Monster Muley

Throwback to vintage Mexico

By Bob Robb

Back in the very early 1980s I helped jumpstart the hunting of giant desert mule deer in Sonora, Mexico, made famous by Jack O’Connor decades earlier. After Jack it sort of died off, and I was invited by the Mexican government to come see if some interest could be generated. My first trip was a horror story–drunken guides, a ranch house with holes in the roof, jeeps that wouldn’t start, a steady diet of frijoles refrijitos … . Fortunately for me, I’d been bird hunting south of the border on my own for a decade and spoke passable Spanish, so I was not really surprised by the bullshit. I didn’t kill a deer on that trip, but a buddy shot a frickin’ giant. And so I told myself, “Son, if you want to kill a big deer, you have to hunt where they live. And they live here. And nobody else is really hunting them. The bullshit? It’s not really all that bad, now is it?”

It took me three trips and about 300 hours of tracking deer through the desert before I shot my first giant, a 37-incher–a story for another time. I’d been hunting annually in Sonora for many years when I got invited to hunt a supposedly unhunted ranch near Guaymas. Could be good, could be bad, you never know until you go, so … .

We were camped in a wall tent, and upon arrival in the afternoon went and looked up the ranch cowboy. He pulled out some old sheds and lion-killed deer skulls to show us when he grabbed an unbelievable non-typical shed that taped nearly 100 inches by itself. “Where did you find this one?,” I asked, trying not to show I was crapping my shorts. 

“Just over there,” he said, pointing to a small cholla-covered hill about a quarter mile away. “When?” 

“Oh, this summer,” he said. 

“We’re hunting there, OK?” I told my guide. 

“No problemo,” he grinned.

Antonio Aguilar was his name, an overweight 50-something dude with one eye. But he had a reputation as a really good sheep guide, and as I was to learn, he was a helluva tracker, too. So we went over to where the cowboy said he had found that shed that afternoon just for shits and giggles, and guess what? I found the other side! It, too, was gigante

I didn’t sleep all night. Unseasonal rains came, and we could not head out until it stopped about 11:00 a.m. Finally, as we climbed the hill we busted a half-dozen deer out. The cactus and brush was so high we never saw any, but in the rain-softened soil it was easy to see tracks. One pair headed off by themselves, a doe and a giant buck track, easily identifiable because the outside half of his left cloven hoof was deformed. Antonio and I immediately took up the track.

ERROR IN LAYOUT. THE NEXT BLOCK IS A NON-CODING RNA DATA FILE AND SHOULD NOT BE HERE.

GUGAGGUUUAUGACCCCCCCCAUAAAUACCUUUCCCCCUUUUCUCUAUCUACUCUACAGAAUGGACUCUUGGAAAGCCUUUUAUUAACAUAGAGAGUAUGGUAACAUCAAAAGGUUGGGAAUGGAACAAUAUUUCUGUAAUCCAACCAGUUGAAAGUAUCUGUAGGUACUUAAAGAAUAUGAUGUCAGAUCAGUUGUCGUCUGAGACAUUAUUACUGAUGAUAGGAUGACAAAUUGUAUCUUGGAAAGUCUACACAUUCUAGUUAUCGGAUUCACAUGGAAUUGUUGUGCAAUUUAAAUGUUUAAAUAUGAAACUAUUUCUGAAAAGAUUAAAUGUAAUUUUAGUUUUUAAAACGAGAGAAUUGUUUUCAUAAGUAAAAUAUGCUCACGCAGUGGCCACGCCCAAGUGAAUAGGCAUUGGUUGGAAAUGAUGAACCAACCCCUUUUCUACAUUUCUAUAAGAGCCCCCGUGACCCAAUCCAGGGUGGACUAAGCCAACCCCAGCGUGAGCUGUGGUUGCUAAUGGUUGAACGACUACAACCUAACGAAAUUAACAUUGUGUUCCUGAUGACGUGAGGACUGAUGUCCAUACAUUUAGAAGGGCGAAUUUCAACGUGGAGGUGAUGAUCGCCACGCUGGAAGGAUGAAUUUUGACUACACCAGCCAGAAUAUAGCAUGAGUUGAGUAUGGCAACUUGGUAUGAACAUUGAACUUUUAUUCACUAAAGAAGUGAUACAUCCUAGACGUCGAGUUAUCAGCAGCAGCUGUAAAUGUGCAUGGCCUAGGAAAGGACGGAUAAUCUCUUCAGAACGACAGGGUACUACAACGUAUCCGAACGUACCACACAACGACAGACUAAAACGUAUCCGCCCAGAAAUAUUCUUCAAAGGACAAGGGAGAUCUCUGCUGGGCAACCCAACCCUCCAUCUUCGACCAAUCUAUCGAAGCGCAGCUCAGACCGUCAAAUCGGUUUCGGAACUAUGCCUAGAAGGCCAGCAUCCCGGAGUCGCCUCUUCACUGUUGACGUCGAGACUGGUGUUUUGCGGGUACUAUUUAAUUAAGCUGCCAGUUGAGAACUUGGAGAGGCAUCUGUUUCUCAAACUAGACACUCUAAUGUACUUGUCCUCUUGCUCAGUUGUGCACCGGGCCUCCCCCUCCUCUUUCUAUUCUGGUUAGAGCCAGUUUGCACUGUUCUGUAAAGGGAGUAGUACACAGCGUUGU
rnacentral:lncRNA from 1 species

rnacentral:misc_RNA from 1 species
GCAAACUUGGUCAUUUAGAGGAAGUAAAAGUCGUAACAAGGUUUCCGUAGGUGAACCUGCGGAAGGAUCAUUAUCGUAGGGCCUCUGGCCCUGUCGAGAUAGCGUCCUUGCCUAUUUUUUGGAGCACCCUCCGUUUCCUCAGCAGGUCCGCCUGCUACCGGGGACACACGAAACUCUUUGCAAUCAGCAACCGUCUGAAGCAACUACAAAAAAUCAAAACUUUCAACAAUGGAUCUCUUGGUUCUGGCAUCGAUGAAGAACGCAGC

What you learn about desert mule deer is that they have a relatively small home range, like whitetails. Get on their track and, often, rather than leave the country, they’ll take you on a circular or figure 8 walk. That’s what these two did. The sun was out, it was a hot and muggy January day, and we were on that track for four hours, slowly working our way through cholla and prickly pear and catclaw and brush so thick that seeing more than 50 yards ahead was unusual. We’d go slow, Antonio would glass with his one eye through an ancient pair of battered Bushnell 8X binos, me with my little Model 700 in .280 Rem. at the ready. By and bye we came to a spot where the tracks clearly showed the deer were taking us on a figure 8 walk. 

Senor,” Antonio said somberly, “we must make the decision. We have to cut them off, so we must choose, ala derecho o ala izquierda? Right or left? Rock, paper, scissors … .

Ala izquierda, amigo,” I said. We left the track and took off cross country. One hour later it proved the right choice when we cut their tracks again. Antonio grinned. “Está muerto, amigo!,” he said. “He’s dead.”

On the track again, we soon came to a lane in the brush that let us see maybe a hundred yards ahead. There! A brown body, get ready! No, no, no, it’s a cow! … And then, from behind a tall saguaro cactus just beyond the cow stepped a doe, slowly walking left to right. Behind her stepped the buck, a giant. Chip shot, maybe 75 yards. I dropped to one knee and sent the 160-grain Partition … right between his antlers. Jesus H! Calm the hell down, rack the bolt, make the shot, idiot! 

And I did. And it was the giant buck whose sheds I now also had in my possession. He’d actually gone downhill a bit, and had broken one long tine off the left beam. I taped the sheds at just under 260 gross; the real antlers scored 243 and change, with a 34-inch inside spread and 17 scorable points.

Mucho tequila that night!

Epilogue: I “loaned” those sheds to a taxidermist/booking agent “friend” to display in his booth at a California sport show. The bastard stained them brown, mounted them on a cape he had in his freezer, and used it to sell hunts. My sheds ruined! I never did get them back. I still dream about the things I would like to do to that man… .